Solar panels that can generate electricity at night have been developed at Stanford
A team of engineers at Stanford University have developed a solar cell that can generate some electricity at night.
While standard solar panels can provide electricity during the day, this device can serve as a "continuous renewable power source for both day- and nighttime," according to the study published this week in the journal Applied Physics Letters.
The device incorporates a thermoelectric generator, which can pull electricity from the small difference in temperature between the ambient air and the solar cell itself.
"Our approach can provide nighttime standby lighting and power in off-grid and mini-grid applications, where [solar] cell installations are gaining popularity," the study said.
Mini-grid applications refer to independent electricity networks. These can be used when a population is too small or too far away to extend the grid.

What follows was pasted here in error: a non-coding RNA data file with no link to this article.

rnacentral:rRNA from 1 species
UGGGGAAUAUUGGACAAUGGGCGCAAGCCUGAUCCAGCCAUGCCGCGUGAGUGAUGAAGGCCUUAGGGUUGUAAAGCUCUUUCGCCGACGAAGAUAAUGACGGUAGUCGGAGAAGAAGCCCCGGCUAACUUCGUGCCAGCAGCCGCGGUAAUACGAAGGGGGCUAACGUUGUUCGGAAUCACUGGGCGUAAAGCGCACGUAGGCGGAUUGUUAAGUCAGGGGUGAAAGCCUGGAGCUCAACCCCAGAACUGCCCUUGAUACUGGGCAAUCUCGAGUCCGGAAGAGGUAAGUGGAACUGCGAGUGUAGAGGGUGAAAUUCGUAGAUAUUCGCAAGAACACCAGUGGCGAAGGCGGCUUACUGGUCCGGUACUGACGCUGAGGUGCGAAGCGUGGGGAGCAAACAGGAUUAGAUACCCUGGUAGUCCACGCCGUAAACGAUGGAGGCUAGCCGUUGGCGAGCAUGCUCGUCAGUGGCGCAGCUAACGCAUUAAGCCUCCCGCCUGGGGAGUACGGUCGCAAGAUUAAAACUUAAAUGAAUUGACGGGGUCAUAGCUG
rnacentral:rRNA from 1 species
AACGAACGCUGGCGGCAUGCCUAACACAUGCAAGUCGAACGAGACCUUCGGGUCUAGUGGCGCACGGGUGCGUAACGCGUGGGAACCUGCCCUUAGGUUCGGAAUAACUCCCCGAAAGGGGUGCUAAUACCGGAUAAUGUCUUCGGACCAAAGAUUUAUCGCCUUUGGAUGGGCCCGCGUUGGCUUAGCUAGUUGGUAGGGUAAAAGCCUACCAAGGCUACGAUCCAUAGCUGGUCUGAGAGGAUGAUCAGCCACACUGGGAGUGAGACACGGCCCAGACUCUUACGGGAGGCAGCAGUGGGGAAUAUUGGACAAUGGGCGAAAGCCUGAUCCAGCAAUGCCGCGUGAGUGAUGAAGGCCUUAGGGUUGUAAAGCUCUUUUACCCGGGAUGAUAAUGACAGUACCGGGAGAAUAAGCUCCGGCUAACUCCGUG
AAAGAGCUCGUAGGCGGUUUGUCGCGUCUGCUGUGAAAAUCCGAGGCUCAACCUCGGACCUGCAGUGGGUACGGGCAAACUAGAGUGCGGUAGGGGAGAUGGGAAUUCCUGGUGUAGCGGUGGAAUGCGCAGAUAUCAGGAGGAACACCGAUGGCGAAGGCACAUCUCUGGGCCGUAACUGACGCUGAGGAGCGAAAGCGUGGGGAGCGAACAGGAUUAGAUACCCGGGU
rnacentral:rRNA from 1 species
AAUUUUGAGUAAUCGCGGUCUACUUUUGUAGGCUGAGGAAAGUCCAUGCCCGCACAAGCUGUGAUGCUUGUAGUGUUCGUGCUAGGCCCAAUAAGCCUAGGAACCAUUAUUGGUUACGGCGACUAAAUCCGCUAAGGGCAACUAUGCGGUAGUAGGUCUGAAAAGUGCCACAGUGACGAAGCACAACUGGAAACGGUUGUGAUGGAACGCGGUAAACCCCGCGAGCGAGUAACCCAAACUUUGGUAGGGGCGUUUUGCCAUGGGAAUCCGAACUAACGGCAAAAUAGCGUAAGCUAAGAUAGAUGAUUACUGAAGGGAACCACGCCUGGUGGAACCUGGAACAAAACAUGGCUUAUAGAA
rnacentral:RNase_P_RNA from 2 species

As the war continues in Ukraine, Abigail Ross Hopper, president and CEO of Solar Energy Industries Association, the national trade association for the solar industry, told CNBC that investing in energy alternatives is important.
"In the face of global supply uncertainty, we must ramp up clean energy production and eliminate our reliance on hostile nations for our energy needs," the CEO said. Copyright 2022 NPR. To see more, visit https://www.npr.org.